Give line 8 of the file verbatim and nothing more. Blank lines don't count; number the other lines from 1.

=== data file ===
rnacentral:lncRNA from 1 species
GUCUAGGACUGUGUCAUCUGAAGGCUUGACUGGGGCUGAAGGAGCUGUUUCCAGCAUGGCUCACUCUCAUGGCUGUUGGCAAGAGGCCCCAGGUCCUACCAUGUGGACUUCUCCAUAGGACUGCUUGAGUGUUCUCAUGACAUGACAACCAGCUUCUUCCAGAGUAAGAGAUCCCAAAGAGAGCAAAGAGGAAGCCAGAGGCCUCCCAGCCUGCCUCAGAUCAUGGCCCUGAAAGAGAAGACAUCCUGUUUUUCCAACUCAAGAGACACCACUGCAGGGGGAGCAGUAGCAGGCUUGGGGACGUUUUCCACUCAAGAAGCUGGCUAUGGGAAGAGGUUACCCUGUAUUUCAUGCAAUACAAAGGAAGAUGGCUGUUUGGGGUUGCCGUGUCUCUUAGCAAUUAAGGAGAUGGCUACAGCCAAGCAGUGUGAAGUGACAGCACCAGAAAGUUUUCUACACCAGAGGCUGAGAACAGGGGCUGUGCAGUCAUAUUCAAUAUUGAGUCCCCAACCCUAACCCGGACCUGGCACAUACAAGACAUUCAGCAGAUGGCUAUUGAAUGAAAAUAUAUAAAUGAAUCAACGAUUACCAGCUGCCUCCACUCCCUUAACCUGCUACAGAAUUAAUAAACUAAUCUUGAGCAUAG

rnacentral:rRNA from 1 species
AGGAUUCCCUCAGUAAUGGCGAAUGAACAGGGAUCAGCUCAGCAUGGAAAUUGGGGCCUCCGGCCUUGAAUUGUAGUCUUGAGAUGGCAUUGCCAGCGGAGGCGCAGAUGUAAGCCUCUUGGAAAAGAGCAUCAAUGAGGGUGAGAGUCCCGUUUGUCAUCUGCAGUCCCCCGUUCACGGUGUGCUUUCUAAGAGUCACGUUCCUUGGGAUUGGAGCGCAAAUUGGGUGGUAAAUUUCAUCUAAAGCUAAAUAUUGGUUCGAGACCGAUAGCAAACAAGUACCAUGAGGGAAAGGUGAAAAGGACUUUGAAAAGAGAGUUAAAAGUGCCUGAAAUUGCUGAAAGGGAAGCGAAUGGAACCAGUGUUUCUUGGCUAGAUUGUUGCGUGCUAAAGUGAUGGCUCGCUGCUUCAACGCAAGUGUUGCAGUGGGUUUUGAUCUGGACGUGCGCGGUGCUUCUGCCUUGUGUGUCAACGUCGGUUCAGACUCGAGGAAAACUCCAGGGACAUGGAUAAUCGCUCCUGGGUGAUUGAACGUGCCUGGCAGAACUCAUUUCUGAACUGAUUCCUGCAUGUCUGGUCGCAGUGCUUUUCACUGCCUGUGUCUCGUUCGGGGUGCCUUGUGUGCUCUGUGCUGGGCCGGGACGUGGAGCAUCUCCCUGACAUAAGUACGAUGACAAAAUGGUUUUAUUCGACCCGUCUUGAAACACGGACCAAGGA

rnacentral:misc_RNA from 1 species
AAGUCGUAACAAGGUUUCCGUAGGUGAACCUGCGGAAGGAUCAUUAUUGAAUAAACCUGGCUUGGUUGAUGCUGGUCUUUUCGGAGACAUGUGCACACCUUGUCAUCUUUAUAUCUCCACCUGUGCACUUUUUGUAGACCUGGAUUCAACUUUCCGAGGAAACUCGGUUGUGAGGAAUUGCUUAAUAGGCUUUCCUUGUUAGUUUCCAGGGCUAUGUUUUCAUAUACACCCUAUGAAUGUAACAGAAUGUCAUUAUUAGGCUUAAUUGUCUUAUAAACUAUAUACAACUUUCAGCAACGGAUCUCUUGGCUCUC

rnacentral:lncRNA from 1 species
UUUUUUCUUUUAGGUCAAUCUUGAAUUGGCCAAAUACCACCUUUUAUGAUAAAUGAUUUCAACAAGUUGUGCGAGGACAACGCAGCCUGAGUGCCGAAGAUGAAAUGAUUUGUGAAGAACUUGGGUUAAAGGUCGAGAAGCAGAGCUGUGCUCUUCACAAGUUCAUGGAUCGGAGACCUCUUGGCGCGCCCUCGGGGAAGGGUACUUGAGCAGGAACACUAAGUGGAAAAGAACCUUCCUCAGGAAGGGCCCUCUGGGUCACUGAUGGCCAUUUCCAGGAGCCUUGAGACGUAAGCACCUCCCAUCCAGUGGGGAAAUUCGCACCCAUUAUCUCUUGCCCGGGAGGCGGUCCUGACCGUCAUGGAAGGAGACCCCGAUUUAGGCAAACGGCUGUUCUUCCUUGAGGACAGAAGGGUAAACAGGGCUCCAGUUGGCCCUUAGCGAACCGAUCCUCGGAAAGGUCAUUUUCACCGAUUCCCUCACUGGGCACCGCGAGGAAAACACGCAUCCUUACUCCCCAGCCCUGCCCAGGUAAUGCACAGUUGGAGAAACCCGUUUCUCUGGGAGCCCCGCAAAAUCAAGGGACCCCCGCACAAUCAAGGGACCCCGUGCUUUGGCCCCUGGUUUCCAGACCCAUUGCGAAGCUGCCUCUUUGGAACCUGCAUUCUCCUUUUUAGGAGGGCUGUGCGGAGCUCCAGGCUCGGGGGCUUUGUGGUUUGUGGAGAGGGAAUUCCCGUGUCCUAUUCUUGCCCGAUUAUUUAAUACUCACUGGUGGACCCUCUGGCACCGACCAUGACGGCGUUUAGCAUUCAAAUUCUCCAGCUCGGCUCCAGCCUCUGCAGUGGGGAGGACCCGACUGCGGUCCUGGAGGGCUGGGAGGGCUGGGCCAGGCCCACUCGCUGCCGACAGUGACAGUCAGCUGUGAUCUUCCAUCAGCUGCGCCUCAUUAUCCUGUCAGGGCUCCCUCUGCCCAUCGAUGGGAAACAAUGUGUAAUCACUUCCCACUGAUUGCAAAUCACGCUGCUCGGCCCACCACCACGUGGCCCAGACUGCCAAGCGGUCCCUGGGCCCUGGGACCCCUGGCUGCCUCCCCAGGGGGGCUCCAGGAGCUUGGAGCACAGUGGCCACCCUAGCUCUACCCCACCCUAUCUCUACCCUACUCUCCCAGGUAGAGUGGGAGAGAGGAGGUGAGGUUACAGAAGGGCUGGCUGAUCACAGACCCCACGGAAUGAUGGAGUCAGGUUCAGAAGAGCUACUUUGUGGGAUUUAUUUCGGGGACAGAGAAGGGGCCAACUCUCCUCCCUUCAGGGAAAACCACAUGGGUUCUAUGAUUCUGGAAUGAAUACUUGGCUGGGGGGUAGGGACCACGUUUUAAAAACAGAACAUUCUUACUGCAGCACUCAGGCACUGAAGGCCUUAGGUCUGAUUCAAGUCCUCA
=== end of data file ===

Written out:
UUUUUUCUUUUAGGUCAAUCUUGAAUUGGCCAAAUACCACCUUUUAUGAUAAAUGAUUUCAACAAGUUGUGCGAGGACAACGCAGCCUGAGUGCCGAAGAUGAAAUGAUUUGUGAAGAACUUGGGUUAAAGGUCGAGAAGCAGAGCUGUGCUCUUCACAAGUUCAUGGAUCGGAGACCUCUUGGCGCGCCCUCGGGGAAGGGUACUUGAGCAGGAACACUAAGUGGAAAAGAACCUUCCUCAGGAAGGGCCCUCUGGGUCACUGAUGGCCAUUUCCAGGAGCCUUGAGACGUAAGCACCUCCCAUCCAGUGGGGAAAUUCGCACCCAUUAUCUCUUGCCCGGGAGGCGGUCCUGACCGUCAUGGAAGGAGACCCCGAUUUAGGCAAACGGCUGUUCUUCCUUGAGGACAGAAGGGUAAACAGGGCUCCAGUUGGCCCUUAGCGAACCGAUCCUCGGAAAGGUCAUUUUCACCGAUUCCCUCACUGGGCACCGCGAGGAAAACACGCAUCCUUACUCCCCAGCCCUGCCCAGGUAAUGCACAGUUGGAGAAACCCGUUUCUCUGGGAGCCCCGCAAAAUCAAGGGACCCCCGCACAAUCAAGGGACCCCGUGCUUUGGCCCCUGGUUUCCAGACCCAUUGCGAAGCUGCCUCUUUGGAACCUGCAUUCUCCUUUUUAGGAGGGCUGUGCGGAGCUCCAGGCUCGGGGGCUUUGUGGUUUGUGGAGAGGGAAUUCCCGUGUCCUAUUCUUGCCCGAUUAUUUAAUACUCACUGGUGGACCCUCUGGCACCGACCAUGACGGCGUUUAGCAUUCAAAUUCUCCAGCUCGGCUCCAGCCUCUGCAGUGGGGAGGACCCGACUGCGGUCCUGGAGGGCUGGGAGGGCUGGGCCAGGCCCACUCGCUGCCGACAGUGACAGUCAGCUGUGAUCUUCCAUCAGCUGCGCCUCAUUAUCCUGUCAGGGCUCCCUCUGCCCAUCGAUGGGAAACAAUGUGUAAUCACUUCCCACUGAUUGCAAAUCACGCUGCUCGGCCCACCACCACGUGGCCCAGACUGCCAAGCGGUCCCUGGGCCCUGGGACCCCUGGCUGCCUCCCCAGGGGGGCUCCAGGAGCUUGGAGCACAGUGGCCACCCUAGCUCUACCCCACCCUAUCUCUACCCUACUCUCCCAGGUAGAGUGGGAGAGAGGAGGUGAGGUUACAGAAGGGCUGGCUGAUCACAGACCCCACGGAAUGAUGGAGUCAGGUUCAGAAGAGCUACUUUGUGGGAUUUAUUUCGGGGACAGAGAAGGGGCCAACUCUCCUCCCUUCAGGGAAAACCACAUGGGUUCUAUGAUUCUGGAAUGAAUACUUGGCUGGGGGGUAGGGACCACGUUUUAAAAACAGAACAUUCUUACUGCAGCACUCAGGCACUGAAGGCCUUAGGUCUGAUUCAAGUCCUCA